The Leader Magazine

SEP 2017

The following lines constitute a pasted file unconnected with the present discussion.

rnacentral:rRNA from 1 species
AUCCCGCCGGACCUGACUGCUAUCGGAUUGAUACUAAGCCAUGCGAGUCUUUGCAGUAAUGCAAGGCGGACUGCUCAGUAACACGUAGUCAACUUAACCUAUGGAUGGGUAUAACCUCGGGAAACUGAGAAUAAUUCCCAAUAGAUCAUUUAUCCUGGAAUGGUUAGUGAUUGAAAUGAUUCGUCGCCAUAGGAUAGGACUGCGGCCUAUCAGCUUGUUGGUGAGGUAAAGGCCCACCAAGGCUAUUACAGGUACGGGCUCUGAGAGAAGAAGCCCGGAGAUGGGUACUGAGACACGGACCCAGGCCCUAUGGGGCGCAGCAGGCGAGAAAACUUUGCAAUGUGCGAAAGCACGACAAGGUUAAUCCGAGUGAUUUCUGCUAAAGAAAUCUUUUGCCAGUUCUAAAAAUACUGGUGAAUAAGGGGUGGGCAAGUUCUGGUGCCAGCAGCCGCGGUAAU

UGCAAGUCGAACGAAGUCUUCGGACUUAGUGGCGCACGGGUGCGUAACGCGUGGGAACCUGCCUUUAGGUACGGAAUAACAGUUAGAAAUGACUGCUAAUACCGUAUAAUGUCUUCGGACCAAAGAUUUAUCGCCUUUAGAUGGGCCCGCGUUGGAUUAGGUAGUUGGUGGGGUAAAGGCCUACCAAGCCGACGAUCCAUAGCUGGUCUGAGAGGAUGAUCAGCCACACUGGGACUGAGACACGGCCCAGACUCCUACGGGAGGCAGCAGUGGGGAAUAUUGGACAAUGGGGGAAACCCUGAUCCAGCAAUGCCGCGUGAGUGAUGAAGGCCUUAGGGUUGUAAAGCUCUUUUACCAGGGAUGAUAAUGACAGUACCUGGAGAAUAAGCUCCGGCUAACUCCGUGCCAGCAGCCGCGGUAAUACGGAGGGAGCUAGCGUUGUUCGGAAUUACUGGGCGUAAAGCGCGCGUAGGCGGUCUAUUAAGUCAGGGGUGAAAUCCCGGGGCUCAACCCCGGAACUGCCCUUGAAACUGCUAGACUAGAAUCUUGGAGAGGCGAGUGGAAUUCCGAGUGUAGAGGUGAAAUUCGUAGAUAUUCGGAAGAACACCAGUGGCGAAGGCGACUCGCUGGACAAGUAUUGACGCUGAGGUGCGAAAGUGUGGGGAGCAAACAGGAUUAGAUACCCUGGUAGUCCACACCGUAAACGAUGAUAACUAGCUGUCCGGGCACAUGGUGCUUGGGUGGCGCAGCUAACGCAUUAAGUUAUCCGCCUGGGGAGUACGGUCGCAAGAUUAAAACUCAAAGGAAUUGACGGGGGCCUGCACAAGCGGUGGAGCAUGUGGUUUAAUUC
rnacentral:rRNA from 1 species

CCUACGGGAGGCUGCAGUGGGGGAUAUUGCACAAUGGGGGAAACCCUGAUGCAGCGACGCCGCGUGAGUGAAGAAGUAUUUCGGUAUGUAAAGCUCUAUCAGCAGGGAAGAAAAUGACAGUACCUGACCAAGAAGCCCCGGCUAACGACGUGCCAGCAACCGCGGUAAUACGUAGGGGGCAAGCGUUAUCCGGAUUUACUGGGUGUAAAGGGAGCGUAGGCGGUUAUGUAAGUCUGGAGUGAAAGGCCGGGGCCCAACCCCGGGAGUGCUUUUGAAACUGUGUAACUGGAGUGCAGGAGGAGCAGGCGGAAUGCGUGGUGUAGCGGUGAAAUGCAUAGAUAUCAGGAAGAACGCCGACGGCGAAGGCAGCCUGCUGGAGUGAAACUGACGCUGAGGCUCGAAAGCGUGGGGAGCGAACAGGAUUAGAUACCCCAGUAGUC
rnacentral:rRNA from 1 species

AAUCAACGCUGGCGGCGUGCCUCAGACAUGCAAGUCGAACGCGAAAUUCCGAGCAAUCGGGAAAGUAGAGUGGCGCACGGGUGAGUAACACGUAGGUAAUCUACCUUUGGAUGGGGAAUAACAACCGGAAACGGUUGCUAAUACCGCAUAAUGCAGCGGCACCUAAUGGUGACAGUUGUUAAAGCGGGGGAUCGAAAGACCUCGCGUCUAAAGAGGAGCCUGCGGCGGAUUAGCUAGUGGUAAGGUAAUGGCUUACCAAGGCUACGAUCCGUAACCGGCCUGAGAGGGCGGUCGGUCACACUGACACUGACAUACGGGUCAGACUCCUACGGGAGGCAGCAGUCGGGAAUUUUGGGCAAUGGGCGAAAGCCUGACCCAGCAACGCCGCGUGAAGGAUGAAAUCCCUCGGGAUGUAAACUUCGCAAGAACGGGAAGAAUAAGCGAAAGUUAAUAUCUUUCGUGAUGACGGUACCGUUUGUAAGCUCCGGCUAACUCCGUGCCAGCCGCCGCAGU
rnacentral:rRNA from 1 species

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Another challenge was developing new workplace standards, merging affi liates with polar-opposite workplace experiences: one with a history of entitlements by level and one without. To overcome this hurdle, we employed a two-part strategy: • First, we recognized an opportunity to utilize temporary lease space procured to house pioneer relocators to Texas as a place to test new workplace environments Toyota had already been piloting in other areas of the country. This "workplace playground" became an invaluable asset when we allocated each of four short-listed furniture manufacturers a 20,000-square-foot (1,858-sq.-m.) area and allowed these industry experts to pilot state-of-the-art solutions. We placed employees within these spaces, and allowed others to visit and experience it, while we observed and gathered feedback. • Simultaneous to the "playground" testing and development efforts, campus space planning needed to move forward. Toyota's Real Estate & Facilities (REF) team and Corgan's Interiors team worked collaboratively to develop a workplace strategy for the campus, combining basic corporate offi ce standards and entitlements, and a methodology for owned versus shared space, while respecting the team member experience and allowing fl exibility for a company still going through re-organization. We challenged "old ways of thinking" and enabled departments to feel ownership by allowing them to weigh in on the design of collaborative spaces, and ultimately painted a picture of a future workplace accessible to all, enabling business to be conducted more organically and devoid of past, conservative silos. The fi nal workplace strategy was a "50/50 target." The overall approach was to allow half of the usable space on campus to be shared for collaborative, team-based work or social interaction, while the other half would be dedicated to individual workspace and unique departmental- support space. We developed and tested our theory with a centerline plan and received approval on the strategy and plan. From there we crossed our fi ngers that when we received the fi nal programming, some six months later, the theory would work in practice. Spoiler alert: it worked! Communication and change management On January 28, 2015, Jim Lentz pulled into a large tent on the project site in a Toyota i-Road and shared the collective vision for One Toyota and the North American Headquarters with the media. The fi rst visuals of the space were produced in the same spirit of a vehicle launch, opening with the details: Texas limestone, refl ective glass and an oval oculus. The video then panned back to show the collection of campus buildings organized around a landscaped courtyard. The vision had publicly started its journey to reality. More importantly, the campus masterplan had been unveiled days before to Toyota North American leadership. Through the remainder of 2015, the focus of the team's communication would be internal and strategically planned from big-picture, campus implications to detailed departmental ones. The team focused on thoughtfully educating the leadership to the "why" of each part of the campus design development and connecting it to the One Toyota framework. The initial focus was on the campus features, the thread that connects the campus with a concourse that wraps the courtyard and links six of seven buildings. This "loop" is where team members fi nd dining options, fi tness facilities, healthcare, banking and a wealth of breakout spaces – all with direct views to the central courtyard. By communicating these features fi rst, we set everyone up with the knowledge of what was different, how connection would occur, and the focus on the employee experience. Then we began to communicate department building location, then fl oor – but we had to move fast. We managed to give personal attention to each department while meeting a fi rm deadline by, again, taking a new approach. In two carefully orchestrated days, we conducted 31 individual plan reviews with leaders, gathered the feedback, and took the comments and requests back to the PMO for a decision. We had buy-in. By leveraging the furniture "playground," the team was able to make key furniture decisions concurrently. Through a competitive process, Steelcase was selected as the campus furniture partner. Additionally, the fi ndings from the temporary space led to the selection of a streamlined kit of parts that allowed individual leaders to make choices that supported four work styles: foundational, team, object, and reference-oriented work. By intentionally starting "big picture" and working our way to the individual space, we built leaders' knowledge and understanding of the full campus view. Finish line in sight In 33 months, this large project team had imagined, designed and executed a North American Headquarters campus for the world's largest automaker. We had collectively given the One Toyota vision life, and the hallmark of the project's success was embracing a collaborative, fl exible, F E A T U R E A R T I C L E All photos: Kurt Griesbach from Corgan 56 SEPTEMBER 2017 ThE lEadER

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